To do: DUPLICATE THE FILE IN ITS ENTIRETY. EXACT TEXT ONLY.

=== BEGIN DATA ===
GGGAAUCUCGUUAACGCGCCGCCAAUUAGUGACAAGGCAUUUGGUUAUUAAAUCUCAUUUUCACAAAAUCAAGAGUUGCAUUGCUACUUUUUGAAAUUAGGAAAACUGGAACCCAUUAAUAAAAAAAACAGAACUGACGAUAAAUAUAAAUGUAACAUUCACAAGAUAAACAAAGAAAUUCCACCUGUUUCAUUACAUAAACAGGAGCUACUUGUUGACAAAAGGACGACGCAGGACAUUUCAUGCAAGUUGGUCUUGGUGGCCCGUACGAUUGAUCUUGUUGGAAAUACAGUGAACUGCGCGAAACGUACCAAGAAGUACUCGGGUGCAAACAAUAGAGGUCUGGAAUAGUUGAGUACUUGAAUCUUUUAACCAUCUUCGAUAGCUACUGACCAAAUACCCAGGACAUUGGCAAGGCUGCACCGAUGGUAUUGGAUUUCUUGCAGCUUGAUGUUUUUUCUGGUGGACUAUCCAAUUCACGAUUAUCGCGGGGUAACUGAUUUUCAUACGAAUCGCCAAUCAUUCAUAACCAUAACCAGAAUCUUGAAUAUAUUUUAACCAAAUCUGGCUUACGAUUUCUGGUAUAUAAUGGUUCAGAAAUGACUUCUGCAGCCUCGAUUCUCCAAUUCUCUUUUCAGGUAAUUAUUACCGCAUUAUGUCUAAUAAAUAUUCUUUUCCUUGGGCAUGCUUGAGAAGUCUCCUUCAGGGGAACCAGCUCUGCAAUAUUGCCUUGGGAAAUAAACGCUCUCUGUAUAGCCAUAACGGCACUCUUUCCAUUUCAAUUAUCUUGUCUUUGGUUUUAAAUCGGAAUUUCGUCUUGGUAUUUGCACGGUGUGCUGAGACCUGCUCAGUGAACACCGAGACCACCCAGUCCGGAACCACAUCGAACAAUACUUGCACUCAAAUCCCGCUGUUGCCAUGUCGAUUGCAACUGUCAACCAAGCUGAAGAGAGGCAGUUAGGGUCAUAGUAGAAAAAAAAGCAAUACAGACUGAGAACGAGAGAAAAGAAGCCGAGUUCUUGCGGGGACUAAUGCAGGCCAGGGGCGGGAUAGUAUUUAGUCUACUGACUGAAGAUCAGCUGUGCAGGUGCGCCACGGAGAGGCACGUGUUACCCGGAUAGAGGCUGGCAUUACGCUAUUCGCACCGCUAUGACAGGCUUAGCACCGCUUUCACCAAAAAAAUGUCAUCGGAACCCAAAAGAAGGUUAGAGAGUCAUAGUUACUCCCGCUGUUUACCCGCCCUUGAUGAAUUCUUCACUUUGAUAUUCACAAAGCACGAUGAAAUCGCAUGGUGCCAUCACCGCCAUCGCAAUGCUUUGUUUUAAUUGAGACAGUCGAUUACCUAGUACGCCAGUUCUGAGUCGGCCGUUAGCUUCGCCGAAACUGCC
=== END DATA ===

GGGAAUCUCGUUAACGCGCCGCCAAUUAGUGACAAGGCAUUUGGUUAUUAAAUCUCAUUUUCACAAAAUCAAGAGUUGCAUUGCUACUUUUUGAAAUUAGGAAAACUGGAACCCAUUAAUAAAAAAAACAGAACUGACGAUAAAUAUAAAUGUAACAUUCACAAGAUAAACAAAGAAAUUCCACCUGUUUCAUUACAUAAACAGGAGCUACUUGUUGACAAAAGGACGACGCAGGACAUUUCAUGCAAGUUGGUCUUGGUGGCCCGUACGAUUGAUCUUGUUGGAAAUACAGUGAACUGCGCGAAACGUACCAAGAAGUACUCGGGUGCAAACAAUAGAGGUCUGGAAUAGUUGAGUACUUGAAUCUUUUAACCAUCUUCGAUAGCUACUGACCAAAUACCCAGGACAUUGGCAAGGCUGCACCGAUGGUAUUGGAUUUCUUGCAGCUUGAUGUUUUUUCUGGUGGACUAUCCAAUUCACGAUUAUCGCGGGGUAACUGAUUUUCAUACGAAUCGCCAAUCAUUCAUAACCAUAACCAGAAUCUUGAAUAUAUUUUAACCAAAUCUGGCUUACGAUUUCUGGUAUAUAAUGGUUCAGAAAUGACUUCUGCAGCCUCGAUUCUCCAAUUCUCUUUUCAGGUAAUUAUUACCGCAUUAUGUCUAAUAAAUAUUCUUUUCCUUGGGCAUGCUUGAGAAGUCUCCUUCAGGGGAACCAGCUCUGCAAUAUUGCCUUGGGAAAUAAACGCUCUCUGUAUAGCCAUAACGGCACUCUUUCCAUUUCAAUUAUCUUGUCUUUGGUUUUAAAUCGGAAUUUCGUCUUGGUAUUUGCACGGUGUGCUGAGACCUGCUCAGUGAACACCGAGACCACCCAGUCCGGAACCACAUCGAACAAUACUUGCACUCAAAUCCCGCUGUUGCCAUGUCGAUUGCAACUGUCAACCAAGCUGAAGAGAGGCAGUUAGGGUCAUAGUAGAAAAAAAAGCAAUACAGACUGAGAACGAGAGAAAAGAAGCCGAGUUCUUGCGGGGACUAAUGCAGGCCAGGGGCGGGAUAGUAUUUAGUCUACUGACUGAAGAUCAGCUGUGCAGGUGCGCCACGGAGAGGCACGUGUUACCCGGAUAGAGGCUGGCAUUACGCUAUUCGCACCGCUAUGACAGGCUUAGCACCGCUUUCACCAAAAAAAUGUCAUCGGAACCCAAAAGAAGGUUAGAGAGUCAUAGUUACUCCCGCUGUUUACCCGCCCUUGAUGAAUUCUUCACUUUGAUAUUCACAAAGCACGAUGAAAUCGCAUGGUGCCAUCACCGCCAUCGCAAUGCUUUGUUUUAAUUGAGACAGUCGAUUACCUAGUACGCCAGUUCUGAGUCGGCCGUUAGCUUCGCCGAAACUGCC